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Transfusion Bulletin

High Titer Immunizing anti-A1 in an A2 B patient
Resulting in Hemolytic Transfusion Reaction

Author(s): Dr. Rajendra Chaudhary, MD, DNB; Dr. Atul Sonkar, MD

Vol. 12, No. 2 (2004-08 - 2004-08)

Introduction :

The serologic distinction between A 1 and A2 antigens is based on the reactivity of the red cells with human anti-A 1 serum or with lectin prepared from the seeds of dolicus biflorus. For routine transfusion purposes, it is not necessary to distinguish patients or donors as A1 or A2 except when working with an A 2 or A 2 B individual whose serum contains anti-A 1 antibody. Anti-A 1 antibody appears as an atypical cold agglutinin in the sera of A 2 or A2 B individuals who lack the corresponding antigen. The frequency of occurrence varies with the subgroup. In A 2 it is about 2-8%and in A2 B about 22 to 35%. Most examples ofanti-A1 found in A 2 or A2 B subjects agglutinateA 1 cells only up to a temperature of 25° C and are of no clinical significance. However, they can interfere in routine blood grouping and give an incorrect blood typing results for ABO type. Discrepancies of this sort must be resolved when a transfusion is required. Occasionally, when anti-A1 has been active at 37 °C, extensive destruction of A 1 cells in vivo has been recorded1. We report here a case of hemolytic transfusion reaction in A 2 B patient after transfusion of A1 B red cells.

Case report :

A 31 years old male patient with diagnosis of Non-Hodgkin's Lymphoma was admitted in the division of Hematology at this tertiary care teaching hospital. The patient was being treated for NHL at peripheral hospital where he was transfused with 2 units of AB Rh positive blood 2 months before for correction of anemia. The transfusion was uneventful. Subsequently, the patient was transfused with 1 unit of AB positive red cells about 10 days before the patient was admitted to our hospital. There was history of hemolytic transfusion reaction to the last unit transfused and peripheral blood bank could not find cross match compatible blood for this patient.

The patient was then transferred to our tertiary care hospital for further management. At admission, the patient's Hb was 6.8 gm/dl, Platelet count 1,10,000/ul, TLC of 2400/ul. A requisition along with blood sample was sent to the blood center at our hospital for 2 units of red cells for correction of anemia.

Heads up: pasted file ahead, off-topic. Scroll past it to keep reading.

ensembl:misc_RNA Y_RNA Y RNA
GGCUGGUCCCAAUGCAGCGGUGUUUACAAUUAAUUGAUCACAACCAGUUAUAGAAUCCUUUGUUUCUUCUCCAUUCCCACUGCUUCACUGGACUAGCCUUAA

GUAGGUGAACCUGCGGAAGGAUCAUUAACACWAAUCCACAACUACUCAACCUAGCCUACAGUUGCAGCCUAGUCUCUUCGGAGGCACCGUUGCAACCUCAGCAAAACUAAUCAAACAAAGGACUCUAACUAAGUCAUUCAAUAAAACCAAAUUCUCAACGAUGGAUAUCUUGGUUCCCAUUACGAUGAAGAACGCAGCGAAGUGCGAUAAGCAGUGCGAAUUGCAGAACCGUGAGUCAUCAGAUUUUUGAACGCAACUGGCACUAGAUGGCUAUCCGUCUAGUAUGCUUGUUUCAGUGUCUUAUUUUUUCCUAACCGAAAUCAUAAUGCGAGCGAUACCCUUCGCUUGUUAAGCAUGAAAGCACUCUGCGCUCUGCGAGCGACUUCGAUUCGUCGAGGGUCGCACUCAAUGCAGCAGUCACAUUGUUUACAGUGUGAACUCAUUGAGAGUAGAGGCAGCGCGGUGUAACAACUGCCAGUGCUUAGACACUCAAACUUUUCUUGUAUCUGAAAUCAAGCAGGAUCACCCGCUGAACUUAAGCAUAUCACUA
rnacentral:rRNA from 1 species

Materials, Methods and Results

ABO & Rh grouping on patient sample: The results are as under:

Forward Grouping Reverse Grouping
Anti-A Anti-B Anti-AB Anti-D A cell B cell O cell
4+ 4+ 4+ 4+ 2+ Neg Neg

ABO discrepancy was observed. The forward grouping was AB while reverse grouping was B. In order to resolve this discrepancy following investigations were performed as per our SOP.

Sub grouping with anti-A 1 lectin (Dolicus Biflorus: The results are as under:

Anti-A Anti-B Anit-AB Anti-A1 lectin
4+ 4+ 4+ negative

Thus it was confirmed that patient was A2B group with suspected anti-A1 in the serum causing agglutination of pooled A 1 red cells.

Confirmation of anti-A1 antibody in the serum:
Three "O", three "A1 " and three "A2 " washed red cells were selected for testing the serum of the patient at different temperature. All tests were performed in test tubes following our SOP. The results are as under:

  4°C 24°C 37°C
"A1" red cells 4+ 4+ 3+
"A2red cells neg neg neg
"O" red cells neg neg neg

Thus it was confirmed that patient had anti-A1 in the serum with wide thermal amplitude from 4 ° C to 37 °o C.

Indirect AGT

In order to rule out any alloantibody reacting with pooled A cells, indirect comb’s test was performed on LISS/coombs card (Diamed) with commercial three cell screening panel (M/S Diamed). It was negative.

Further confirmation of anti-A1 antibody:

Conformation of anti-A1 was performed by "saliva inhibition test" using saliva from a known"A" secretor individual. Briefly, one volume of serum of the patient was added to one volume of known "A" secretor saliva and the tube was incubated at room temperature for one hour. Saline was used as negative control. Finally, one volume of 5% suspension of pooled A1 cells was added to the tube and agglutination was recorded. Absence of agglutination in the test tube with saliva and presence of agglutination in the saline control test tube confirmed the presence of anti-A1 antibody in the serum of the patient.

Characterization of anti-A1 antibody :

  1. Titer of antibody: It was 1:128 at room temperature as well as 37° C
  2. Immunoglobulin (Ig) class of antibody:

In order to determine the class of antibody whether it is IgM or IgG or combined, serum of the patient was treated with thiol reagent (DTT, Dithiothreitol), which cleaves disulfide bonds of IgM antibody leaving behind IgG intact. The procedure was as per SOP. The serial two fold titration was performed in parallel on DTT treated (IgG) serum and untreated (IgM) serum using pooled A1 red cells. DTT treated serum was subjected to AHG test using monospecific IgG coomb's sera. Titers were recorded in both and the results are as under:

  1. Titer on DTT treated serum and with Anti human globulin test 1:16